Return to Transcripts main page

THE SITUATION ROOM

Interview With Former U.S. Secretary of Homeland Security Jeh Johnson; Joe Biden Not Backing Down; Hope Hicks Interview Transcript Released; Iran Shoots Down U.S. Drone. Aired 6-7p ET

Aired June 20, 2019 - 18:00   ET

THIS IS A RUSH TRANSCRIPT. THIS COPY MAY NOT BE IN ITS FINAL FORM AND MAY BE UPDATED.


[18:00:06]

WOLF BLITZER, CNN ANCHOR: Happening now, breaking news: "You'll find out."

President Trump is leaving the world guessing about his response to Iran after it shot down a U.S. drone. Is he looking to de-escalate tensions or is he fanning fears of war?

Secret briefing. Top congressional leaders summoned to the White House Situation Room for classified details on the drone attack, this as Iran and the Pentagon are making dueling claims about where the unmanned aircraft was shot down.

Testimony revealed. House Democrats just released the transcript of Hope Hicks' closed-door interview. We're going over the document learning more about her answers and when the longtime Trump confidant refused to talk.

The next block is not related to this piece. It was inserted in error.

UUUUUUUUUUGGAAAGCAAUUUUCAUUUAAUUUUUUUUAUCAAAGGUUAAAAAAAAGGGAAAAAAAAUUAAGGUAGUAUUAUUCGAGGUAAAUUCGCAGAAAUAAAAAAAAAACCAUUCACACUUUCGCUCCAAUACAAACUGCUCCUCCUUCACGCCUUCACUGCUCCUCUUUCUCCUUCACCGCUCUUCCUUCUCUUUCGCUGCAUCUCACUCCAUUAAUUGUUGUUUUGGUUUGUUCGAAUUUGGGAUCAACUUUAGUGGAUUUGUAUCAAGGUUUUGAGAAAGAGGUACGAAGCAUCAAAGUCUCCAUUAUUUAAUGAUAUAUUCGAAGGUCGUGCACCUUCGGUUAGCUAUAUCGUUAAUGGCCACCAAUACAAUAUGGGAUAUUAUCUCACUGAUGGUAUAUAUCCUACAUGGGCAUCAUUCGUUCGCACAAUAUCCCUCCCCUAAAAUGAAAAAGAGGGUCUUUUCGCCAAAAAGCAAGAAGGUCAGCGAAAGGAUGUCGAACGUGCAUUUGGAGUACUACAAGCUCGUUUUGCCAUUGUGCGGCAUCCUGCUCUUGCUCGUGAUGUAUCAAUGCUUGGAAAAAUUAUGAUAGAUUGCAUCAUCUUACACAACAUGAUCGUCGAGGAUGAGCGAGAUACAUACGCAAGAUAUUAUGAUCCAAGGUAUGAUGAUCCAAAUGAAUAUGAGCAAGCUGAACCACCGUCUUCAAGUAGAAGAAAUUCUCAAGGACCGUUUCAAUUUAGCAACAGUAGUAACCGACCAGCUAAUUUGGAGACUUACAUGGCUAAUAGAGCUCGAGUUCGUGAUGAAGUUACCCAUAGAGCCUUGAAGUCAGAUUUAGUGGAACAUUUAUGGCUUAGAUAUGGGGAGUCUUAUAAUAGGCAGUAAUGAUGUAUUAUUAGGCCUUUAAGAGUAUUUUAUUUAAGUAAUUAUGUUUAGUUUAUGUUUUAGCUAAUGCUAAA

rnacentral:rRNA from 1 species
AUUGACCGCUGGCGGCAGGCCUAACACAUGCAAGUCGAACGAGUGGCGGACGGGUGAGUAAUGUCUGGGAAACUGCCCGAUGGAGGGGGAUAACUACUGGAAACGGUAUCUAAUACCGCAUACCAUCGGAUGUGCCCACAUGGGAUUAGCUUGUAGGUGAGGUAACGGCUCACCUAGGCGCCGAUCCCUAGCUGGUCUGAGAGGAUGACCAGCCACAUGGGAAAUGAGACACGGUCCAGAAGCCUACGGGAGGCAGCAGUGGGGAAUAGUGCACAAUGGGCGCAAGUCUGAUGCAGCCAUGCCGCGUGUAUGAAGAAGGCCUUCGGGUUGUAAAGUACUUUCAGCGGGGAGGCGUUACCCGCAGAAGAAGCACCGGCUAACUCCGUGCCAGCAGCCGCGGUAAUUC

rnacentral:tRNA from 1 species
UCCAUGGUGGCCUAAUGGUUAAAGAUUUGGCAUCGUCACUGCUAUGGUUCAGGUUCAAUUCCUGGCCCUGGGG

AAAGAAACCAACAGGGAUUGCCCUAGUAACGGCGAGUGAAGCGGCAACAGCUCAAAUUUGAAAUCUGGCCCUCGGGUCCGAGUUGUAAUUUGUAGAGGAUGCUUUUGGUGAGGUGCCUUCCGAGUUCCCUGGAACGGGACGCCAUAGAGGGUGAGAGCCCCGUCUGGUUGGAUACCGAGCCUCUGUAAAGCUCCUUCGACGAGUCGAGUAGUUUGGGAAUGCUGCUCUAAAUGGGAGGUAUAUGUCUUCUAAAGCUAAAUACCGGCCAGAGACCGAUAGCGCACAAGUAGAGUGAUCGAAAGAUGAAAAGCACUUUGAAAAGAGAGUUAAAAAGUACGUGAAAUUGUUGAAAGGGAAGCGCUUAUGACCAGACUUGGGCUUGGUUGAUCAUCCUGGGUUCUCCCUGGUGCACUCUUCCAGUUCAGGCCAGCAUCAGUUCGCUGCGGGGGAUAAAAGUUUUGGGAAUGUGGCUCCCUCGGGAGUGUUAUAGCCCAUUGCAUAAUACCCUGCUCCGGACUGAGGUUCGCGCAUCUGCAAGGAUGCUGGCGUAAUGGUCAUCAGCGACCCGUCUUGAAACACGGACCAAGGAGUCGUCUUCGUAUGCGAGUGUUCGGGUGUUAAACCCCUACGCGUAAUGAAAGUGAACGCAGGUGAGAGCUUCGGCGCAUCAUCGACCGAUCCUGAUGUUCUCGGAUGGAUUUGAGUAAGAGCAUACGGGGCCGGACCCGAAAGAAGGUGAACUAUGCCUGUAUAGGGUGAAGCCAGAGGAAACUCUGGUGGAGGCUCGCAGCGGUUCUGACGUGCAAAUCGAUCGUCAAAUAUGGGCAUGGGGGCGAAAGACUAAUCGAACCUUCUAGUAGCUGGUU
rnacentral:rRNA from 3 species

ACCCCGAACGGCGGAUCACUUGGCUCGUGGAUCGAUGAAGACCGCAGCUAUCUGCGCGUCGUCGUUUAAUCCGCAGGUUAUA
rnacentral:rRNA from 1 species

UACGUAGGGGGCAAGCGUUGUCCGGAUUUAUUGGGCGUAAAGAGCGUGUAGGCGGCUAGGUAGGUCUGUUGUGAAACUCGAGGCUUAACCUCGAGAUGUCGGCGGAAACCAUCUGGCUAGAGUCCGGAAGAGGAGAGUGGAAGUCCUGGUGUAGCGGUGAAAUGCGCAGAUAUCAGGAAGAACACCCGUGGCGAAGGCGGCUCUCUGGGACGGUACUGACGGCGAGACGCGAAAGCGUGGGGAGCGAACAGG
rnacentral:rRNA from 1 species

And not backing down. Joe Biden is refusing to apologize for his remarks about working with segregationist senators, saying he doesn't have a racist bone in his body. As his 2020 primary rivals keep the pressure on, other Democrats are rushing to his defense tonight.

We want to welcome our viewers in the United States and around the world. I'm Wolf Blitzer. You're in THE SITUATION ROOM.

ANNOUNCER: This is CNN breaking news.

BLITZER: We're following breaking news on the threat of a dangerous new confrontation.

Top congressional leaders were just briefed on the shoot-down of a U.S. drone by Iran, the urgency underscored as officials convened in the White House Situation Room.

After the meeting, the top Senate Democrat is now warning the president against bumbling into an unauthorized war. Mr. Trump leaving his options open, telling reporters -- and I'm quoting him now -- "You will find out how and when the administration responds."

Also breaking, the transcript of Hope Hicks' closed-door testimony is now public. It was just released just moments ago by the House Judiciary Committee. Stand by for new details on that.